Here is a list of some of the more frequently asked questions concerning conlanging.
What's a "Language"?
There are many ways that people communicate with each other, but we don't usually call all of them "language". So presumably, any definition of the word should be somewhat selective.
When linguists talk about language, they usually refer to communication that uses very specific parts of the brain (the Broca's and Wernicke's areas), and that has, as a result, some very peculiar characteristics that may be due to the architecture of those areas. For example:
- Languages can be learned "natively". As children, we learned spoken languages from our parents and friends, without any need for formal instruction. You can't say this about arithmetic or even written language — those had to be learned consciously, either by having someone teach you, or, at least, through some conscious, rigorous study on your own. This is also the difference between a language you actually speak and a language you took in school — the latter you had to memorize and so forth, so you probably aren't that fluent in it; the former you soaked up, so you speak it natively.
- Languages have rules. No, we're not just talking about the rules you learned in English class, and hated. (Trust us, we hated those too.) Every language has intricate, complicated rules that are coded right into our brains when we learn it. Most of the time, we don't even realize we're following them.
- Languages use words. Yeah duh, you say. But think about it this way — when someone says "bird", there's nothing in their mouth, on the "b", or the "ir", or the "d", that's got anything to do with a bird. But it means bird anyway. That's the power of words in a language, since words can abstractly represent things without actually looking or sounding like those things. (Of course there are words that break this rule, like "splash" and "crash", but the point is, not ALL words have to be like that.)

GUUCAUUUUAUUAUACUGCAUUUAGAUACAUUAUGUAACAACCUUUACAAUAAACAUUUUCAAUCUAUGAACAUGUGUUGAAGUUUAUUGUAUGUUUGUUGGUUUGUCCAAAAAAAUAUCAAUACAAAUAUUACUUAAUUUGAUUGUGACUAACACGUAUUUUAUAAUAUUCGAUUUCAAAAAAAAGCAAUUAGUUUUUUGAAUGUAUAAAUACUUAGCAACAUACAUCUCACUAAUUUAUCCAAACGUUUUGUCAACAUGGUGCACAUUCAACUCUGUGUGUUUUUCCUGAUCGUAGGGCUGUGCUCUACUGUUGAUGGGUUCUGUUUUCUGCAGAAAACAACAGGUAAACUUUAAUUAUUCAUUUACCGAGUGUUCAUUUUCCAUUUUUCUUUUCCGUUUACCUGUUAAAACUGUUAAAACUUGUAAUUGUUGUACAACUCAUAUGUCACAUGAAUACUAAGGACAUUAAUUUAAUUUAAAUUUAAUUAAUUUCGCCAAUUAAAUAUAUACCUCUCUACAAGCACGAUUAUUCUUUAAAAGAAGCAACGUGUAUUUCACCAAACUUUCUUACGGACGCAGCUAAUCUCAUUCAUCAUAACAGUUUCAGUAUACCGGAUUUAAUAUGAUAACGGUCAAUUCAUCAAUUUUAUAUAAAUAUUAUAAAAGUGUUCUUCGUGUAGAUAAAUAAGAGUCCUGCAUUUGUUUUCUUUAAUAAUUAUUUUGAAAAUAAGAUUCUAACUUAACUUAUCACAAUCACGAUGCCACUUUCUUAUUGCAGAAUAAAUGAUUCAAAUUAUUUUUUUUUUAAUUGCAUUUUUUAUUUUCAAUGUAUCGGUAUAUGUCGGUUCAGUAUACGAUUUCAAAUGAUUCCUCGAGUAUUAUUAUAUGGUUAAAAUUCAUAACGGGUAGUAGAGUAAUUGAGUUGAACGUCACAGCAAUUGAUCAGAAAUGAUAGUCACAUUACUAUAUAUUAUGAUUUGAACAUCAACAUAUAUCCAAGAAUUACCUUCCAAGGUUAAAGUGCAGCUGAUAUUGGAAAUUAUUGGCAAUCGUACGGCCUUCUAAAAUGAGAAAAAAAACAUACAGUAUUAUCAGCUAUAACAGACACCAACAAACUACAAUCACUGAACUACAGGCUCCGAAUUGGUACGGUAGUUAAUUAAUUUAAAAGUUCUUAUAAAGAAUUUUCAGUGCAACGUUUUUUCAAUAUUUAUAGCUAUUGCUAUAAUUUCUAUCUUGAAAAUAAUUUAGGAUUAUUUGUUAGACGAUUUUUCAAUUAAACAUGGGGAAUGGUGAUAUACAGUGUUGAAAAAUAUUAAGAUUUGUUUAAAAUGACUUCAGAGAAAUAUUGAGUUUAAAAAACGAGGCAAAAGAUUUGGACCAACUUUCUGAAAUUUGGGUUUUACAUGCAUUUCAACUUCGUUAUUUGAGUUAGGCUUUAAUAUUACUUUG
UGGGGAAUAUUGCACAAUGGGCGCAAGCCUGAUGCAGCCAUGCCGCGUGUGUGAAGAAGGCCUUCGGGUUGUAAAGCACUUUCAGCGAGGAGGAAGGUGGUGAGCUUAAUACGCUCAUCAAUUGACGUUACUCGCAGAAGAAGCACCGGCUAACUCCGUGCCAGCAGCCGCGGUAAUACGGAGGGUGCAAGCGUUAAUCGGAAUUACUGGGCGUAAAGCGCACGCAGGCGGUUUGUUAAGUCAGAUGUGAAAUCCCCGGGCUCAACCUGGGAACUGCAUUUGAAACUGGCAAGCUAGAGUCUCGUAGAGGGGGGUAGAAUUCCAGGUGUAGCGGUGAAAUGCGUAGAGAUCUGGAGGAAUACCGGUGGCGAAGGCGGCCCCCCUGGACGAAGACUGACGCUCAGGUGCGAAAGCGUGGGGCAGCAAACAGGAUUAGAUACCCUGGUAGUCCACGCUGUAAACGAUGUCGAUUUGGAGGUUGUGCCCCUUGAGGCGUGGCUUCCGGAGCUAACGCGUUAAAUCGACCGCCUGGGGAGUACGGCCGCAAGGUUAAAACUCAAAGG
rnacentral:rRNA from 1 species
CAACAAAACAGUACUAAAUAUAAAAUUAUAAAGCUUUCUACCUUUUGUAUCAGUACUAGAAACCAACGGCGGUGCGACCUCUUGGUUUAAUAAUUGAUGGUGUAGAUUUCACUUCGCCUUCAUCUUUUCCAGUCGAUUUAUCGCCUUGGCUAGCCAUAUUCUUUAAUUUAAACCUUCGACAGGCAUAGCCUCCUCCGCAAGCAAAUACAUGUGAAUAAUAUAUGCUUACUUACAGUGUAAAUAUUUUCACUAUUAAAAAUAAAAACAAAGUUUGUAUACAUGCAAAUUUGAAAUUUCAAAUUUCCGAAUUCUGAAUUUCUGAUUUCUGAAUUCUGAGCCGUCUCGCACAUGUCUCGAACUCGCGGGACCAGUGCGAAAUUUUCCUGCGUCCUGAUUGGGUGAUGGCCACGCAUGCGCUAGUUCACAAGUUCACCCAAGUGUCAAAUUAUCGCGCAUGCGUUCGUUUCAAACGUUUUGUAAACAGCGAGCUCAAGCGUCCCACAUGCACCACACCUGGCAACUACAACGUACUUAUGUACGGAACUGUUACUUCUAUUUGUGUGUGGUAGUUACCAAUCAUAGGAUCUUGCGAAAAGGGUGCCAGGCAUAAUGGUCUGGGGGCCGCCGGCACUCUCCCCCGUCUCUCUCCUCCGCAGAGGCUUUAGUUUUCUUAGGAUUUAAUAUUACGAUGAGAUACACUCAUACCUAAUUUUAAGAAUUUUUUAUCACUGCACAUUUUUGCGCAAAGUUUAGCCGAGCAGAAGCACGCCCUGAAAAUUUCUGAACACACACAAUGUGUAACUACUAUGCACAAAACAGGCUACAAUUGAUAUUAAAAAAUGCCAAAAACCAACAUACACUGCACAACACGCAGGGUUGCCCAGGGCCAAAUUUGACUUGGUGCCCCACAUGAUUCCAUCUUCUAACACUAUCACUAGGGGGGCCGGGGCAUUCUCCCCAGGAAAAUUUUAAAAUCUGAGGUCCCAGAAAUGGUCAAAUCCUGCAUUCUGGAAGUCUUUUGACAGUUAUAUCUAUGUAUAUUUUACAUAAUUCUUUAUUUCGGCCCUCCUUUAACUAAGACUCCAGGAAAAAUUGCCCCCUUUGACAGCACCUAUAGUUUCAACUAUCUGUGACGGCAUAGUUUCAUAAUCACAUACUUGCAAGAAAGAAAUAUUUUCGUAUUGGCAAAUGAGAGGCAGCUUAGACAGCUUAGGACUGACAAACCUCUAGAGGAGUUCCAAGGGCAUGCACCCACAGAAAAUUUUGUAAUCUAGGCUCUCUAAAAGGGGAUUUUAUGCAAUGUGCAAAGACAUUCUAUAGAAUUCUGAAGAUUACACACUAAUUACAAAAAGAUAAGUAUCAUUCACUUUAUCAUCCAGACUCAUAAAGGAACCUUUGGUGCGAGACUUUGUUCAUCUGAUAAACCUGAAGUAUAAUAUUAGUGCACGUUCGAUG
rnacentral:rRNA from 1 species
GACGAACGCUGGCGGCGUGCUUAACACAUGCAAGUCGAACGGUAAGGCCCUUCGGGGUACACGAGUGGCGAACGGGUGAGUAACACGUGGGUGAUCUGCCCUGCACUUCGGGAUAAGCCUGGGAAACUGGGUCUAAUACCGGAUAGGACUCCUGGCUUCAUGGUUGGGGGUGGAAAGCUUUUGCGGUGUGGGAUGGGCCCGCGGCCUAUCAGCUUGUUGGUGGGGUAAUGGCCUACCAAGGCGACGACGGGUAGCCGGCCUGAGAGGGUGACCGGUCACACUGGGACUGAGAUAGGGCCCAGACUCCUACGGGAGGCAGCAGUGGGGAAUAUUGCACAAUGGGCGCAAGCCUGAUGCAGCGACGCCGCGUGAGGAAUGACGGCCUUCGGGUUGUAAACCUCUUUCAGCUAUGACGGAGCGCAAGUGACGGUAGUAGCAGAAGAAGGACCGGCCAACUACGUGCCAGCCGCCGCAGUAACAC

If we follow all of the above rules, then there are just two or three basic sorts of languages in the world — spoken languages, like English or French or German (it doesn't matter if they're sometimes represented in writing); sign languages, like American Sign Language; and, to some extent, written languages. Encodings, like Morse code, Semaphore, etc., aren't language in themselves, although they can be used to directly represent language.
The status of written language is a bit complicated. Writing is often treated as just a representation of spoken language, in which case it's an encoding and not language in itself. There exist conlangs that are purely written, though, with no spoken form at all, like X; these clearly aren't encodings of something else. They might fail the test of being learnable natively — but most conlangs are never learned natively by anyone (the biggest exception being Esperanto, with perhaps a thousand native speakers), so whether most conlangs could be learned natively is already a matter for speculation.
When a spoken language has an extensive literary tradition, the spoken form of the language tends to change faster than the written form, so that after a while the language has two different registers — a formal (or "literary") register and an informal (or "vulgar") register. This effect is called. The different registers aren't usually considered separate languages as such; but since, for example, written English is often the common language shared by native speakers of English and American Sign Language, some have suggested that perhaps written English should be considered distinct from both. That would mean that if you both speak and write English, you're bilingual.